- Associated Press - Wednesday, December 5, 2012

MOGADISHU, Somalia — In parts of Somalia’s capital, rubble-strewn lots that once served as sniper positions have been rebuilt into well-maintained homes, hotels and shopping plazas.

Housing prices have doubled, or even gone up tenfold.

More than a year of relative peace in Mogadishu has led to a property boom, but one that comes at a bitter price for the poor and those who were victimized by two decades of war and anarchy in this Horn of Africa nation.

Eager to cash in, landowners are forcing out thousands of squatters and other families who can’t afford the higher prices, leaving them no recourse but to move to camps for displaced people on the edge of Mogadishu where there are no services or security.

The government this year also forced out thousands of people who had been living in government-owned buildings.

Those who fled fighting in other parts of Somalia or the harsh Islamic rule of al-Shabab militants in the south in the past years and who set up in empty lots in the capital, forming impromptu refugee camps, now find themselves having to move again.

Inside the Sigale camp in Mogadishu, dozens of families on a recent day discussed their pending evictions. Next to their tents, their belongings sat piled up, ready for the journey.

“We have no choice but to go,” said Nurto Yusuf, a mother of eight who was standing near her husband’s handcart. Her children played soccer nearby.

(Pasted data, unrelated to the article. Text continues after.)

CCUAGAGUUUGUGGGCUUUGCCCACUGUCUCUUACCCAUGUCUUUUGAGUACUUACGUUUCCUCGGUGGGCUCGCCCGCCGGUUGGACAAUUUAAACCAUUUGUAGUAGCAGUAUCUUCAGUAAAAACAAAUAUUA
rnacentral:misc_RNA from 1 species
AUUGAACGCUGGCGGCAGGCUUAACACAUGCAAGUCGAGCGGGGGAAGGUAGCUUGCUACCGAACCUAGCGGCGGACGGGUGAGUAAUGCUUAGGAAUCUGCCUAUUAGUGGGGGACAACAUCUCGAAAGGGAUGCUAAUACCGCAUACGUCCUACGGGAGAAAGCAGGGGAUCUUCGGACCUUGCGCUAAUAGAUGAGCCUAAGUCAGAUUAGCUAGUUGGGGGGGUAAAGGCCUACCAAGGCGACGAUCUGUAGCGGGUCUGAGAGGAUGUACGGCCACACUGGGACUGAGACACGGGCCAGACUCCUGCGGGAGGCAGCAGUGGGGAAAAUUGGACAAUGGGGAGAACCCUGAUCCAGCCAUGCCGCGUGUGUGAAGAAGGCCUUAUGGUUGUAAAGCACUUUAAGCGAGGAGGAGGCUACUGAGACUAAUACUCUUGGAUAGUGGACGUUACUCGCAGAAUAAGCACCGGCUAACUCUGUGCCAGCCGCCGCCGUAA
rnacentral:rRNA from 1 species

“The stability is giving opportunities to the rich and depriving the poor,” she said. “We don’t know where to go.”

‘There is no prosperity’

Rapes have occurred at the sunbaked Maslah camp, which is home to thousands of families, some of whom said they were forced to leave their abodes at gunpoint and with no notice.

The camp is surrounded by thick shrubs, and many women stay up at night, fearful that a rapist might be lurking around.

There are no toilets, and the women risk attack if they use the surrounding bush at night.

“I was raped two nights ago when a man with a knife stopped me near my hut,” one refugee woman with five children said through tears. The Associated Press does not typically identify victims of sexual assault.

“There is no protection, no housing,” she said. “We are vulnerable to rape and hunger.”

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